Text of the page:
In der Arnoldischen Buchhandlung in Dresden und Leipzig ist soeben erschienen und in allen Buchhandlungen zu erhalten:
Hr. J. Petzholdt,
Anzeiger der Bibliothekwissenschaft.
von Incunabeln, seltenen und xylographischen Werken, Manuscriptcn und Curiosa, findet in Halle a. S. am 10. Januar 1850 statt. Cataloge sind von H.W. Schmidt in Halle direct und durch jede Buchhandlung zu beziehen. — Ebenso sind Cataloge über die Auction vom 1. December 1849 (Theologie, Philosophie, Philologie enthaltend) zu beziehen.
15. December. 23. 1849.
Bibliothekordnungen etc., neueste in ■ und ausländische Litteratnr, Anzeigen etc.
Zur Besorgung aller in nachstehenden Bibliographien verzeichneten Bücher empfehle ich mich unter Zusicherung schnellster und billigster Bedienung; denen welche mich direct mit resp. Bestellungen beehren, sichere ich die gross ten Vortheile zu.
Т. O. Weigel in Leipzig.
the Assistant Secretary
the Smithsonian Institution
With reference to the first class of books, namely: those needed by the authors and collaborators, it is, of course, impossible to do any tili il more than to meet wants as they arise.
Of the second class of books, viz: those necessary to make the Institution a ceutre of bibliographical knowledge, I have the honor herewith to present a list selected with great care and the best counsel wbicb I could command. This list contains about 3 000 volumes. The work of Nnmur, published in 1837, purporting to be a complete catalogue of bibliographical works, contains 10.236 titles. A complete bibliographical library would contain nearly 20,000 volumes. The 3,000 volumes of the list, now presented are not therefore to be considered as constituting a complete catalogue of books in this department, but merely as a selection of those most immediately important. X. Jahrgang.
Every list of this kind should Include not only works professedly bibliographical, but also histories of literature, of science, and of art, us well as many biographical and critical works.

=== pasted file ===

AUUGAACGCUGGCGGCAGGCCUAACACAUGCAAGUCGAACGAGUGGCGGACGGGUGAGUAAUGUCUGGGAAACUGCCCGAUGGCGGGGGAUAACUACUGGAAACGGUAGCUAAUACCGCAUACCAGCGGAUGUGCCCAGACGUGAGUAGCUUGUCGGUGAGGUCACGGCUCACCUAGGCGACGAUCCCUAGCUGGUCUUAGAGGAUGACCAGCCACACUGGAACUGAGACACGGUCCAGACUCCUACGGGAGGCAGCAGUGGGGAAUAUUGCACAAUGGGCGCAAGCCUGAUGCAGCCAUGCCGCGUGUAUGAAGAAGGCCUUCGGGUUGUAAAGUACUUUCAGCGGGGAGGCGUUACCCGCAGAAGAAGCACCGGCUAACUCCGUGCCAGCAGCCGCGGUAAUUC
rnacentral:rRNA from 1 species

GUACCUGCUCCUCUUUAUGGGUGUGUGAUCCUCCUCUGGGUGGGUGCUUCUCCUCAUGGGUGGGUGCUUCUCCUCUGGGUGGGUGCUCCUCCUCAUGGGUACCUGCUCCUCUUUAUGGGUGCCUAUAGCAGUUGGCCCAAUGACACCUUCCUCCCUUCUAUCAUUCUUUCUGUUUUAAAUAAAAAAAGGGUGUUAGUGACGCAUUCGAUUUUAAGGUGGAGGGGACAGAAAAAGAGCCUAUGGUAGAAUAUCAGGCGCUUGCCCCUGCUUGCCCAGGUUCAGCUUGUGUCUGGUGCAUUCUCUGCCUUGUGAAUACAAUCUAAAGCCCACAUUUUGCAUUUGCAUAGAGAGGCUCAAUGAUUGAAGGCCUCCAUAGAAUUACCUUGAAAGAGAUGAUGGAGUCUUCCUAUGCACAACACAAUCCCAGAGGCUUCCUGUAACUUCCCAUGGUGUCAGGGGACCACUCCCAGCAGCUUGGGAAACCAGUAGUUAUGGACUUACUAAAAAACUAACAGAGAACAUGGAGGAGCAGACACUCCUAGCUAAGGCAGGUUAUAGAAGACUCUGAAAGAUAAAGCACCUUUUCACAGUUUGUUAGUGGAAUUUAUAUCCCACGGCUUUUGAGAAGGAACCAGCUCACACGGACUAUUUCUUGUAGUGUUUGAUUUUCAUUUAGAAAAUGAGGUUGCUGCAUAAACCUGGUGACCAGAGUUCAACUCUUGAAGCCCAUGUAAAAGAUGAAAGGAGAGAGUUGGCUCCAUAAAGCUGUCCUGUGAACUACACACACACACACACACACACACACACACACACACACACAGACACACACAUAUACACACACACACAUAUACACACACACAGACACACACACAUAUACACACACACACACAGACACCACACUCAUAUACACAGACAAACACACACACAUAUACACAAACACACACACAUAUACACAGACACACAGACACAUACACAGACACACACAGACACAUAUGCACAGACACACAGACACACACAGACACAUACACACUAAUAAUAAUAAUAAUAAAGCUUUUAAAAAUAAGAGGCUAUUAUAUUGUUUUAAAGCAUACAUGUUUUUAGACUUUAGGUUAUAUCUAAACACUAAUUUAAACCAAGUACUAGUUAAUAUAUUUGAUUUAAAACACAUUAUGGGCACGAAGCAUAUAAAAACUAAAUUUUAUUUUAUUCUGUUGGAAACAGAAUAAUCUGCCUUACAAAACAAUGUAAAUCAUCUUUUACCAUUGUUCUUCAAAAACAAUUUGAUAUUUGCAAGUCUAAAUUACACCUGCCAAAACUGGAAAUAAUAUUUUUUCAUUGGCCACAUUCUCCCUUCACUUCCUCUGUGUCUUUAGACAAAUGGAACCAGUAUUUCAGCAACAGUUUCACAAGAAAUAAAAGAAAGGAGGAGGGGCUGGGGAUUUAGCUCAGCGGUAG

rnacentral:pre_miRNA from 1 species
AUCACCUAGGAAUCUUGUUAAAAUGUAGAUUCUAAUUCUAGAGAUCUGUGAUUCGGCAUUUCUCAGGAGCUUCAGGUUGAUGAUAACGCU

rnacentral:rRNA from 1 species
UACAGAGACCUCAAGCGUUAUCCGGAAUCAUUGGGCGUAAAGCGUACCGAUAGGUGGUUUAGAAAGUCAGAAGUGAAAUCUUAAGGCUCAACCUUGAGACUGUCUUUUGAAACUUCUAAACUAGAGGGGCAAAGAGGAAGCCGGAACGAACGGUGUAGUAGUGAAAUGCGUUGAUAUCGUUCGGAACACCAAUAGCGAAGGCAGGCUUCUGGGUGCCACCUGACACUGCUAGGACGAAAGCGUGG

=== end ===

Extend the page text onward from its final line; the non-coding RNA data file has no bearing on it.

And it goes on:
It is impossible to estimate too highly the value of such a collection. In a large librar» these works are the guides to research, showing what to read, study, or consult. In the absence of such a library, they supply to some extent the deficiency by describing bonks in snch a way as oftentimes to enable us to dispense with the books themselves. ')
And yet the importance of bibliographical studies is in this country but ton little appreciated. In truth, the neglect of thee is the most fruitful source of superficial, conceited, and rash authorship. On the continent of Europe, however, they are held in the highest esteem. This is doubtless one principal cause of the acknowledged superiority of the Germans in all mutters requiring wide research.
Every student worthy of the name, when about to investigate
1) "In literature and science books are the tools, and it is impossible
to iinder-estiinate the use of a critical acquaintance Midi them except to those who underrate knowledge itself. Of every branch of the two great subdivisions of human learning, (viz: Mteratnre and scienre,) irs history is a constituent part, absolutely necessary to all who would be competent to form iiLst opinions on its present state.
"The scientific societies arc not very anxious to have in their libraries the rare books belonging to their several departments. For this, one reason is want of funds; but rbis might be overcome if it were not for another, namely, a general indifference among the members to exact and inimité knowledge of the history of science. The pen nous importe au reste with which Delainbre often dismisses a secondary point, of which a satisfactory .settlement docs not come readily to hand, had beeu readily agreed to by his critics and his readers. The consequence is, that any one who proceeds to examine closely the actual records of the progress of science, finds confusion идиш contusion and mistake upon mistake in all matters whith are not of general interest.